White Lake Township residents packed the Township Hall for a special meeting during the afternoon of Thursday, Jan. 6 to see who would be appointed as the township’s new supervisor, and once again they left disappointed and frustrated.
The White Lake Board of Trustees members remained as divided as they were on Dec. 21, when they last voted on a new supervisor to replace Mike Kowall, who vacated the post after being elected in November to a state Senate seat. Separate motions to appoint Trustee Michael Powell and Trustee Greg Baroni to the supervisor position each ended in a 3-3 stalemate on Jan. 6. Clerk Terry Lilley and Trustee Carol Burkard continued to support Baroni, while Treasurer Jay Brendel and Trustee Todd Birkle remained supportive of Powell. Baroni and Powell each voted last week in support of their respective appointments to contribute to the 3-3 votes. Motions are defeated by tied board votes.
With the township board remaining deadlocked, a special election may be held to fill the supervisor position. According to township attorney Greg Need, the township board has 45 days from when the position became vacant (on Dec. 31) to fill the opening through an appointment. If the board is unable to or chooses not to make a decision, it then must notify the state of Michigan and hold a special election for voters to decide who the next supervisor will be.
At the start of last week’s meeting, several residents expressed their desire to have the board make a decision that afternoon.
One resident stated that they would rather not see the township remain without a supervisor or have the decision go to a special election, as residents had previously elected “six minds on the board to do it for us.”
Thomas Johnson told the board that he was “glad that you’re sitting up there and not me” because both Baroni and Powell seem to be very qualified. However, he also asked the board to make a decision very carefully and not to “rely on a good buddy but instead think about who can handle the future” of the township. He also stated that the board should “drop the good-old-boy” routine and make a decision.
Other residents spoke up on the behalf of Baroni, saying he offers a “nice breath of fresh air” and is “the guy who can lead you to the future,” while citing Baroni’s involvement in the White Lake community through various clubs and organizations, such as the Optimist Club and White Lake Historical Society.
Baroni said he was in “awe” of the support he received from the audience and that his “appointment would be for the people, not for myself, not for my friends. My interest is for White Lake.”
Baroni has 34 years of managerial experience at General Motors, including dealing with United Auto Workers (UAW) grievances, as well as handling national and local contracts. Both Burkard and Lilley acknowledged Baroni’s corporate experience as a reason they endorse him for supervisor.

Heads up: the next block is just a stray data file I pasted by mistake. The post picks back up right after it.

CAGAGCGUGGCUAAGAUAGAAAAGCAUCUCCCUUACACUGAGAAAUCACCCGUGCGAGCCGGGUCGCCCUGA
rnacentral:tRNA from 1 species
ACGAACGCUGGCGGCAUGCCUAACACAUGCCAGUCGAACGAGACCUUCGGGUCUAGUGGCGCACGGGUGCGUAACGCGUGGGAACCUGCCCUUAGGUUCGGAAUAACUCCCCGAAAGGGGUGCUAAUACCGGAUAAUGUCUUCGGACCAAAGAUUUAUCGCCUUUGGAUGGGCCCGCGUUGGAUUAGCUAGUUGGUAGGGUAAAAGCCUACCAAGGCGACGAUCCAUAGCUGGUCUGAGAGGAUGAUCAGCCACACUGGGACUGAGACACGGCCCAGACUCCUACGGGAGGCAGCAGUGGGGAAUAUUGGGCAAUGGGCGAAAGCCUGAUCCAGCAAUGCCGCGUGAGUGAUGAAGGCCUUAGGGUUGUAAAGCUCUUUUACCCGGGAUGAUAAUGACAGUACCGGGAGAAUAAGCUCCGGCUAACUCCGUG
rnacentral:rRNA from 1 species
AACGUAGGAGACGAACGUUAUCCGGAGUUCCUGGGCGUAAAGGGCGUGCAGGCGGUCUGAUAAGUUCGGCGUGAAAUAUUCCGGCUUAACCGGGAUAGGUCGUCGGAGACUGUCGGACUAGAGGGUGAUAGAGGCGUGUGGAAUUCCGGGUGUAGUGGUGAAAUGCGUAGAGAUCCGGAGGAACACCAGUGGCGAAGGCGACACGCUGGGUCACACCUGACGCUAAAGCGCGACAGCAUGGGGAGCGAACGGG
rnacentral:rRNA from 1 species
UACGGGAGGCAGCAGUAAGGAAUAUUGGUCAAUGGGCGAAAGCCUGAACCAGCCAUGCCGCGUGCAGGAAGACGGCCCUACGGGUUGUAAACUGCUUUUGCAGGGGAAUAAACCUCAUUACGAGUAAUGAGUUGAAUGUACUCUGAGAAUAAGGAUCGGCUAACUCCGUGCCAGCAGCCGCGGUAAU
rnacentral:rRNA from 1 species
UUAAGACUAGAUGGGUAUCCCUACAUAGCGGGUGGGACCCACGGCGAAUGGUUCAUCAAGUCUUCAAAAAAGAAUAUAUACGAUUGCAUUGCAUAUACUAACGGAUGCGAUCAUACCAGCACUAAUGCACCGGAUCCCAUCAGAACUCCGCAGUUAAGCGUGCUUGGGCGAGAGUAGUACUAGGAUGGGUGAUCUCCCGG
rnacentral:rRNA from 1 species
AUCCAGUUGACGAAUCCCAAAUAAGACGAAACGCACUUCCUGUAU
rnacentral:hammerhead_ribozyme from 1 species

Lilley said he was “very supportive” of Baroni being the next supervisor because he would bring “freshness to the community,” as well as “experience with the unions.”
Powell cited his 20 years as a township resident and three decades of experience working with township boards, city and village councils, and other agencies as reasons he’s qualified to be the township supervisor. He also mentioned his experience with road, water, and sewer projects, in addition to the relationships he has developed with politicians, local leaders, and other civil engineers engineers.
Powell also declared that he was very active in his church community.
Before last week’s board votes, Birkle claimed he was “not speaking in favor of either candidate.” However, he said if board members were again unable able to reach a decision on an appointment, they should form a “tight timetable” to take open applications and hold interviews and make a decision before a special election is necessary. Brendel concurred with Birkle’s stance.
While Lilley and Burkard continued to give reasons for supporting Baroni throughout the meeting, Birkle and Brendel did not, prompting one audience member to inquire as to their reasons for supporting Powell.
Birkle then cited Powell’s experience working with other townships and six years of service on the White Lake Township board. Brendel agreed, adding that Powell already has many county and state connections. He further added that he felt Baroni lacked the government experience to run White Lake.
With nobody willing to “roll over” and change their vote, as they believed that would be detrimental to the community, board members agreed to accept applications from the public in a 4-2 vote. Burkard and Baroni voted against the measure.
Applications are due by Friday, Jan. 14. The board will next meet on Tuesday, Jan. 18 to continue discussing the issue.
If board members are still unable to decide on a candidate after their 45 days expire, a special election will be called. However, the election wouldn’t necessarily be between candidates of the township’s choosing. Instead, the county Republican and Democratic party committees would each appoint a candidate. The only qualification for the candidate is that they must be a registered voter of White Lake. The cost of a special election is estimated to be around $15,000.